Expatriate Owl

A politically-incorrect perspective that does not necessarily tow the party line, on various matters including but not limited to taxation, academia, government and religion.

Sunday, March 04, 2007

Dr. Rashed or Dr. Mengele?

As posted on Debbie Schlussel's blog and elsewhere, seems that one Ahmed Rashed, MD, got off with a very ridiculously light sentence for severing the hand of a cadaver and giving the severed hand to an acquaintance, who used it for purposes of personal or egoistical gratification. Dr. Rashed is now doing a residency at Maimonides Medical Center in Brooklyn, and his guilty plea bargain will not prevent him from seeking medical licensure in the state of New Jersey.

I am appalled at this matter for all of the obvious reasons everyone else is appalled at this matter. My comments, in no particular order:

1. One sidebar to Gidone Busch's killing by the NYPD is that Dr. Ivan Oransky, a psychiatric resident at New York-Presbyterian Medical Center, unlawfully accessed Gidone's medical records and leaked them to the New York Times, which featured a sidebar article about Gidone's psychiatric history. NY Presby booted Oransky from its residency program.

2. Relevant quotation from the late Justice Michael A. Musmanno:

"Today no cemetery is without tombstones, no grave remains unmarked. Even in holocausts resulting from conflagration, explosion, earthquake or flood, where identification of individual bodies must sadly fail, a general monument is raised to the common dead. Over every military grave the Cross or the Star of David blesses the named martyr beneath. And where large numbers are interred in a common grave because an exploding shell commingled the remains beyond separation, a cenotaph rises to honor the Unknown Dead.

It is unthinkable today that anyone should be consigned to the earth without a shaft, big or small, naming him who has departed forever from his mourning kin and friends. Those who have no respect for the dead can have but little appreciation of the dignity of man, either living or dead."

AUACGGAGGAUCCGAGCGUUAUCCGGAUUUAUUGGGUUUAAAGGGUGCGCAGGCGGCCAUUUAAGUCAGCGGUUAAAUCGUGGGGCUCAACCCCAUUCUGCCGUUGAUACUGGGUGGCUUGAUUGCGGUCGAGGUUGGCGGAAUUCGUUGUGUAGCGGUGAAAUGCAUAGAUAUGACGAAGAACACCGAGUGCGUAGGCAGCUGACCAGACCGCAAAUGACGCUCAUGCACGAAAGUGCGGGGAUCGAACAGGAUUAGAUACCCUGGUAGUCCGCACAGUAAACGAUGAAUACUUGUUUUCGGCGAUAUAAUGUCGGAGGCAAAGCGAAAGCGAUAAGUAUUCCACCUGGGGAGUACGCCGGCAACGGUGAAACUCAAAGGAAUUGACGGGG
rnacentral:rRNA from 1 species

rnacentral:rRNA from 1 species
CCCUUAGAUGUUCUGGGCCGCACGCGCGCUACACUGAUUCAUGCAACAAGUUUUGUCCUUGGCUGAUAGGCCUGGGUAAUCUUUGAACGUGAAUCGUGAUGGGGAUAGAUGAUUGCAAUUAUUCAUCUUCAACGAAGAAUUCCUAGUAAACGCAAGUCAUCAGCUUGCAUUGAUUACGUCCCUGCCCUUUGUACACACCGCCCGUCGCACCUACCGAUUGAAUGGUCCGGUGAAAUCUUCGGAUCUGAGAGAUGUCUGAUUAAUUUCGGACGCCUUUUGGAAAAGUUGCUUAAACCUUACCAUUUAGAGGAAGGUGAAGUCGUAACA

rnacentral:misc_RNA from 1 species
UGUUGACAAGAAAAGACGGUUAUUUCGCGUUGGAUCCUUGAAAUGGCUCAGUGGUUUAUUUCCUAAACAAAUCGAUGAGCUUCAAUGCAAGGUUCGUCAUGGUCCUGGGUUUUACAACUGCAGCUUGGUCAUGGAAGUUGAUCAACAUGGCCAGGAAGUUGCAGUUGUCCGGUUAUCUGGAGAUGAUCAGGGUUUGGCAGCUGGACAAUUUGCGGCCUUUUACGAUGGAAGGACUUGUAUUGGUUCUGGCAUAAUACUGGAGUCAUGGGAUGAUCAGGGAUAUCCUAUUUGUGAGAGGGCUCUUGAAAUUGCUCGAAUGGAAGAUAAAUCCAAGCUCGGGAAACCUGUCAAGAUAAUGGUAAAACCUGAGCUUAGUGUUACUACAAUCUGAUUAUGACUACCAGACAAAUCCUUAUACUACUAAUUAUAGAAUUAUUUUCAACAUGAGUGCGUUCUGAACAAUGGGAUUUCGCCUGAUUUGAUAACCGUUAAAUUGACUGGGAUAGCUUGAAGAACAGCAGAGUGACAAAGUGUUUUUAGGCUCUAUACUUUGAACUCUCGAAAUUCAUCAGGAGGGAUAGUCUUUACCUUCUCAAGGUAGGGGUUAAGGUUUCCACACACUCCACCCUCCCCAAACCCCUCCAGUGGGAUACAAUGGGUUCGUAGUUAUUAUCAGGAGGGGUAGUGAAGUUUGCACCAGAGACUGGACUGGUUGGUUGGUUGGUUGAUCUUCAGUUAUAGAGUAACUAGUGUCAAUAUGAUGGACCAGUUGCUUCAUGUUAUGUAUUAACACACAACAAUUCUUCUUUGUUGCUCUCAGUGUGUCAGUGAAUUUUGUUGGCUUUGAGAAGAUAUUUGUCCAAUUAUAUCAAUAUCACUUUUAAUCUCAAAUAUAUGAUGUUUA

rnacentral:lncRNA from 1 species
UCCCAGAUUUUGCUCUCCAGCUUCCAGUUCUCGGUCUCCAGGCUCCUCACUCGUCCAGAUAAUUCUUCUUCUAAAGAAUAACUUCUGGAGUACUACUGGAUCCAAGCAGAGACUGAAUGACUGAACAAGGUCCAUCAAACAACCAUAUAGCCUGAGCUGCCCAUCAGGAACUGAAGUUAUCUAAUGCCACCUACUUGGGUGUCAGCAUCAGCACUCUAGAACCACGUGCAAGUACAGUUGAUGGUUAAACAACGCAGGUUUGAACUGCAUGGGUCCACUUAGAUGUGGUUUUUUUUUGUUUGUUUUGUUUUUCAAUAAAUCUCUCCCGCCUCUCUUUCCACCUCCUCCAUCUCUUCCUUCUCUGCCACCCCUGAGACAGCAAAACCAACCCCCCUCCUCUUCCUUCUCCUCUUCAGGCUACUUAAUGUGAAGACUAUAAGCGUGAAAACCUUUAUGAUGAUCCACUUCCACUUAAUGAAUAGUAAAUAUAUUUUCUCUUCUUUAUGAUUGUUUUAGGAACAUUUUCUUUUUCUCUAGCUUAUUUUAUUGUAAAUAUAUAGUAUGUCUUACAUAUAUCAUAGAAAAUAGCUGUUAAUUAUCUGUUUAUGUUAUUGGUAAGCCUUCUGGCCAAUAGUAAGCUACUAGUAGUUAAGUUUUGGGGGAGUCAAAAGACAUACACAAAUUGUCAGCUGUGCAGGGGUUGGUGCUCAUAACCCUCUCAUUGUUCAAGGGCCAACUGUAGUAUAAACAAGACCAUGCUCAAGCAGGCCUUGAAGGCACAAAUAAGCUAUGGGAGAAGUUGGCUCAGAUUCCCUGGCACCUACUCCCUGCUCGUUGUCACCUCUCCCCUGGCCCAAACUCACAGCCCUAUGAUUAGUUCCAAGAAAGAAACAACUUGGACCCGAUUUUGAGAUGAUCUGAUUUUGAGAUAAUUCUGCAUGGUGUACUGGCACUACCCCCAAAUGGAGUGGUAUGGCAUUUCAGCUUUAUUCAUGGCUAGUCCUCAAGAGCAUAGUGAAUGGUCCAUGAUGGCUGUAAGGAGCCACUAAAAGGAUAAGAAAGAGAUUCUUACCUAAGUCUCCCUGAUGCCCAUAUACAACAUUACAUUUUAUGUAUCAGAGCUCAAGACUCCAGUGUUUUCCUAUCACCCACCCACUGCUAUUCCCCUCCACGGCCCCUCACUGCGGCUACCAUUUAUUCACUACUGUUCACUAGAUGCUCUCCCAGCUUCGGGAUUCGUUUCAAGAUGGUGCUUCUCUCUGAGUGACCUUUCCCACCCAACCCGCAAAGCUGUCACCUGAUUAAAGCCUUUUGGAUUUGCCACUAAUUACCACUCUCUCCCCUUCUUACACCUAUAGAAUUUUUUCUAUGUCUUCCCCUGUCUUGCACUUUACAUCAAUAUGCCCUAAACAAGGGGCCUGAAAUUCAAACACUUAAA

Kotal v. Goldberg, 375 Pa. 397, 404-05, 100 A.2d 630, 634 (Pa. 1953) (Musmanno, J.).

The case before Judge Musmanno involved the question of whether the cost of a tombstone was allowable as damages in a wrongful death action. But if a decedent is to be given the respect of a monument or marker, then the desecration and mutilation of a decedent's body must, a fortiori, be condemned by the law.

3. Along similar lines, the writings of Maimonides himself are replete with passages requiring respect for the deceased.

4. For many years, the medical profession has been whining about how the lawyers are driving up the cost of health care with the medical malpractice suits. It must be remembered that injured patients may or may not sue their doctors, but angry patients will almost always sue the doctors who slight them. For too many years, the medical profession has allowed itself to develop a severely exaggerated attitude towards their self-worth, and has passed on this arrogant attitude to its new inductees. If the medical profession continues to bring into its camp individuals who have no respect for or understanding of the dignity human life, they can expect the lawsuits to continue.

[Disclosure: My wife is a physician. In order to preserve my marriage, I DO NOT take on med mal cases.]

5. I am not telling the various state licensing boards how to dispose of Dr. Rashed's inevitable upcoming applications for licensure. But his conduct in this case is relevant to his fitness to practice medicine, and, when he applies for licensure, he should be called upon to explain why he is fit to practice medicine, in light of the misdeed to which he has pleaded guilty.

6. Hasn't the medical profession learned from its experience with Dr. Mengele?


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